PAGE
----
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Blog // Thoughts
February 18, 2013

Social Media Week Singapore – Keynote

This morning I overcame a looming migraine (maybe lightning does cause them) and a gnawing sense of cynicism to attend this morning’s opening to Social Media Week Singapore. This morning’s event featured largely frank and jargon-free talks from Laura Balkovich, Head of Social APAC for Google and Damien Cummings, Regional Marketing Director, Digital & Social […]

This morning I overcame a looming migraine (maybe lightning does cause them) and a gnawing sense of cynicism to attend this morning’s opening to Social Media Week Singapore.

This morning’s event featured largely frank and jargon-free talks from Laura Balkovich, Head of Social APAC for Google and Damien Cummings, Regional Marketing Director, Digital & Social Media. In fact, I’d go so far as to say it was one of the best sessions on Social Media I’ve attended.

Brands, Google & Social

“Google+ is really the next version of Google.”
Laura Balkovich

Laura Balkovich’s talk was largely a position piece on the way Google understands social interaction online, the changing face of search and the way Google+ is showing us what the future of the internet might look like. Within that the focus was on how important user generated content and online communities are for brands and companies.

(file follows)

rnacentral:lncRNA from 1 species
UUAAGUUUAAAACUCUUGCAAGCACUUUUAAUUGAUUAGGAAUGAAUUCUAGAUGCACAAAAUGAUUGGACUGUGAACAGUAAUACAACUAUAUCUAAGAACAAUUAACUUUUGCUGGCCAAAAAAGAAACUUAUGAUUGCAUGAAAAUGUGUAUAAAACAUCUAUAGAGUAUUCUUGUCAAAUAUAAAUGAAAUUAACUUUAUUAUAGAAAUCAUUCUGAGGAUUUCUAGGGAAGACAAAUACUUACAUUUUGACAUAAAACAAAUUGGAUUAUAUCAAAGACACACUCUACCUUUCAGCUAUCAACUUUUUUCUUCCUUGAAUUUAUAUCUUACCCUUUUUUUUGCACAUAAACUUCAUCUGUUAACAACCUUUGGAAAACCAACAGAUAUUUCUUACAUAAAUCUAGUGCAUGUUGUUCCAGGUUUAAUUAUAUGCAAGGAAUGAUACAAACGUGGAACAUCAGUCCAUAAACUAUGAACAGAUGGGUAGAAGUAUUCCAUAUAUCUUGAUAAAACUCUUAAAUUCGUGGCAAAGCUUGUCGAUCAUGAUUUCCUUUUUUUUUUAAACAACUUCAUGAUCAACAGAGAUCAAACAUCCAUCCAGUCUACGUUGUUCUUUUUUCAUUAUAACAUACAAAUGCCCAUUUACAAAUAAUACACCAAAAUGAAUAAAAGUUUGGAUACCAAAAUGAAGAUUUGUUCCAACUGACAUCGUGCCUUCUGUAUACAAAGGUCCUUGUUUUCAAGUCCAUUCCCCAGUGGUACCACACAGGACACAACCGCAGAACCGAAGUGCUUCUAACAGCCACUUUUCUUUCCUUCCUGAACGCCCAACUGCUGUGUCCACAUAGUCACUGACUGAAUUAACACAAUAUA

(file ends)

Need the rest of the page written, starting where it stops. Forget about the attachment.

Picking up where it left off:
A few comments I caught from Balkovich included,

  • 25% of search results for top 20 brands comes from user generated content
  • 40% of 14-34 say being relatable is the top quality they seek in a brand
  • There are 12 million cricket fans active in communities on G+
  • 70% of brand content created by consumers not brands

    At the beginning of the talk there was a bit of shuffling and snickering when Google+ was first mentioned, with the person next to me saying “I thought Google+ was dead.” By the end of Balkovich’s presentation I could see people around me updating their G+ profiles on tablets and smartphones – an amusing but revealing reversal.